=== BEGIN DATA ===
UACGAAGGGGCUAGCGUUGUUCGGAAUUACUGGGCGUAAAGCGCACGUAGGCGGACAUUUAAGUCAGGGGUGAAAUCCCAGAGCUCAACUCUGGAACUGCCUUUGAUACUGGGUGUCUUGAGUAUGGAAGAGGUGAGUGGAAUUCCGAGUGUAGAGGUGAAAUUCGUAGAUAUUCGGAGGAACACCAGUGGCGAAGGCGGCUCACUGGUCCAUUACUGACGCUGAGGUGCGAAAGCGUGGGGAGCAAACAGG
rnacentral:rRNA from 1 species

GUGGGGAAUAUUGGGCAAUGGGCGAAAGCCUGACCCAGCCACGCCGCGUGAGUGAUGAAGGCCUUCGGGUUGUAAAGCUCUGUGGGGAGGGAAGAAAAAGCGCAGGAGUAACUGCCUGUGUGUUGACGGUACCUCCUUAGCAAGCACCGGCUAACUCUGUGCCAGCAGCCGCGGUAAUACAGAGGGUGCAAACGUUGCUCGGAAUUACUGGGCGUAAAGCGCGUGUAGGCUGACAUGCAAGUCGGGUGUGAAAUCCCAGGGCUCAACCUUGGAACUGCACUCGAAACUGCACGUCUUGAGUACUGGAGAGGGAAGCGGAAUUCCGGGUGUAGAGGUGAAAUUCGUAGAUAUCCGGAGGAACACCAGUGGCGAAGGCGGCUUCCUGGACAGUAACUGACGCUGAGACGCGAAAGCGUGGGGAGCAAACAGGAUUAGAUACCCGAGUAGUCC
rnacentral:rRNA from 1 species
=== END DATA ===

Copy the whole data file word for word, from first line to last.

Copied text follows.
UACGAAGGGGCUAGCGUUGUUCGGAAUUACUGGGCGUAAAGCGCACGUAGGCGGACAUUUAAGUCAGGGGUGAAAUCCCAGAGCUCAACUCUGGAACUGCCUUUGAUACUGGGUGUCUUGAGUAUGGAAGAGGUGAGUGGAAUUCCGAGUGUAGAGGUGAAAUUCGUAGAUAUUCGGAGGAACACCAGUGGCGAAGGCGGCUCACUGGUCCAUUACUGACGCUGAGGUGCGAAAGCGUGGGGAGCAAACAGG
rnacentral:rRNA from 1 species

GUGGGGAAUAUUGGGCAAUGGGCGAAAGCCUGACCCAGCCACGCCGCGUGAGUGAUGAAGGCCUUCGGGUUGUAAAGCUCUGUGGGGAGGGAAGAAAAAGCGCAGGAGUAACUGCCUGUGUGUUGACGGUACCUCCUUAGCAAGCACCGGCUAACUCUGUGCCAGCAGCCGCGGUAAUACAGAGGGUGCAAACGUUGCUCGGAAUUACUGGGCGUAAAGCGCGUGUAGGCUGACAUGCAAGUCGGGUGUGAAAUCCCAGGGCUCAACCUUGGAACUGCACUCGAAACUGCACGUCUUGAGUACUGGAGAGGGAAGCGGAAUUCCGGGUGUAGAGGUGAAAUUCGUAGAUAUCCGGAGGAACACCAGUGGCGAAGGCGGCUUCCUGGACAGUAACUGACGCUGAGACGCGAAAGCGUGGGGAGCAAACAGGAUUAGAUACCCGAGUAGUCC
rnacentral:rRNA from 1 species